Every time I’m near comics, I go peruse them, and I see they haven’t gotten any better. The artwork is meh, and the storylines confuse dark for deep. (I will set aside my “revealing wolverine’s origins effectively ruined that character” rant for now, because Marvel has abused wolverine so relentlessly that it really doesn’t matter. But really. A SOUL PATCH? X-MEN: DOUCHEBAG EDITION? sigh)

    I’m not saying that “Peanuts” should be the writing or the art goals, but maybe stop blowing up the universe every six seconds and have death matter. 

    When Jean Grey died (the first time) waaaay back in X-men 137 or so, it was huge, and it was even bigger because she *stayed dead*. The other X-men had to deal with that. They had, what I thought, were really great, *human* storylines from it. 

    It didn’t last, it couldn’t last. Oh, that was the phoenix force that died, jean was REALLY in a coccoon at the bottom of the ocean. Oh, wolverine didn’t really lose the adamantium, that was as skrull, or Mr. Sinister, hell, I forget. Shame too, because that panel, where magneto is stripping it through his pores? That literally made me sit back, it was that intense. 

    PSYCH! MULLIGAN!

    that’s all the comics industry has become to me. A series of “oh, that didn’t work, RETCON.” (And the artwork. I’ve ZERO problems with a healthy upper anterior superstructure, in fact, I’m rather the fan. But *come on*. Let’s at least TRY to respect biology.)

    I look at the other comic lines, and it’s largely the same problems, only “alternative”. Comics didn’t want me, okay. It’s a shame, but I dig that. 

    Fortunately, web comics came a long, and with it, the things I really loved. Like good storylines that aren’t shat upon to boost readership. (Something*Positive, while snarky and regularly offensive to all, has some of the best writing I’ve seen anywhere, and Randy Mullholland has damned near broken my heart twice. He’s not John Byrne, art-wise, but the writing, and his…*care* for his characters is as good as anything coming out of any Comic company. )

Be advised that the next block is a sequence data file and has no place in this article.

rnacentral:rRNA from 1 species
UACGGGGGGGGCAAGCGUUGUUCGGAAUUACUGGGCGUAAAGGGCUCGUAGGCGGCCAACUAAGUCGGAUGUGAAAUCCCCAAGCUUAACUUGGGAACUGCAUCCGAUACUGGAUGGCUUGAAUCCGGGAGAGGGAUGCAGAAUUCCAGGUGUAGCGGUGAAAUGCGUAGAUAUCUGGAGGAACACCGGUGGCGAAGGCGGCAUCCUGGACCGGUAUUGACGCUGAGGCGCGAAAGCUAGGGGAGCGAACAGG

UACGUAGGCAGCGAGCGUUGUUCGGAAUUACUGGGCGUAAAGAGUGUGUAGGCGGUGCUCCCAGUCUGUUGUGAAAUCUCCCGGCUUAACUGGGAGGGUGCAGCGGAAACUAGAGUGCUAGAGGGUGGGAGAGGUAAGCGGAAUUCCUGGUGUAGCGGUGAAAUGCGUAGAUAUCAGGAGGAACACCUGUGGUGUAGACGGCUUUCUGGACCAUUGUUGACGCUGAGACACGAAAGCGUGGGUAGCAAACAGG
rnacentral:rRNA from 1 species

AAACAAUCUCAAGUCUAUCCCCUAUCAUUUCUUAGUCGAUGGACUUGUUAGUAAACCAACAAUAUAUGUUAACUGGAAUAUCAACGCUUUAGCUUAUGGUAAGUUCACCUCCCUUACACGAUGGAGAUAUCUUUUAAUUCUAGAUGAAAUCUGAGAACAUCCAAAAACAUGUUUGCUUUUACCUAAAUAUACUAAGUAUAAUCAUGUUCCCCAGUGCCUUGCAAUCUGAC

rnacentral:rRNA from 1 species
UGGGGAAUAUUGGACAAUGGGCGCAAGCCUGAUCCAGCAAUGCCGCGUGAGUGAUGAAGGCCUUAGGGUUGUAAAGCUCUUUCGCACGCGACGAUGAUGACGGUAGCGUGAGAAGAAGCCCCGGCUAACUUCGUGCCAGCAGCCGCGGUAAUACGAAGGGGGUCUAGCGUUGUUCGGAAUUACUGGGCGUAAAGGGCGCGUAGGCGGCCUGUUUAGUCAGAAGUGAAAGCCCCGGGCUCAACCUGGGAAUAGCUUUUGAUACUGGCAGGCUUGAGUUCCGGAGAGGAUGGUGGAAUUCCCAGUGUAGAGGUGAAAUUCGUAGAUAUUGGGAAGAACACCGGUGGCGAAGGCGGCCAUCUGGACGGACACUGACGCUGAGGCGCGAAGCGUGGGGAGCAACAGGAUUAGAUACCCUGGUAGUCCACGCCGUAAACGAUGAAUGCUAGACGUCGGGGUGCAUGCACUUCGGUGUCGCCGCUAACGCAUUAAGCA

So I suppose there’s always something to fill the need. But it’s hard to curl up with a web comic, and I really wish whatever has taken hold of the comics industry would relax its hold just a bit. They might find themselves gaining back readers who just walked away.

    • Peter Morwood

      I was raised Brit, well, Norn Irish. Add temporal discrepancy from the modern world to choice, but when I was young there was a joke – “We are now landing at Belfast International Airport, where the local time is 1958.” (It’s about 2003 now, give a fluctuation or two.)

      That meant comic shops didn’t exist, and I had to take what I could find in the odd door-racks vaguely marked “American Comics”, where “Fantastic Four”, “Little Audrey”, “Sergeant Rock” and “Gold Key Classics” were all shoved in together. Marvel did occasionally produce, or authorise, B/W reprints in the UK that were sold through regular newsagents alongside other British comics like “Valiant”, “Hurricane” (where the Second World War and other manly sports continued unabated) and, eventually, “2000 AD”. But that was later.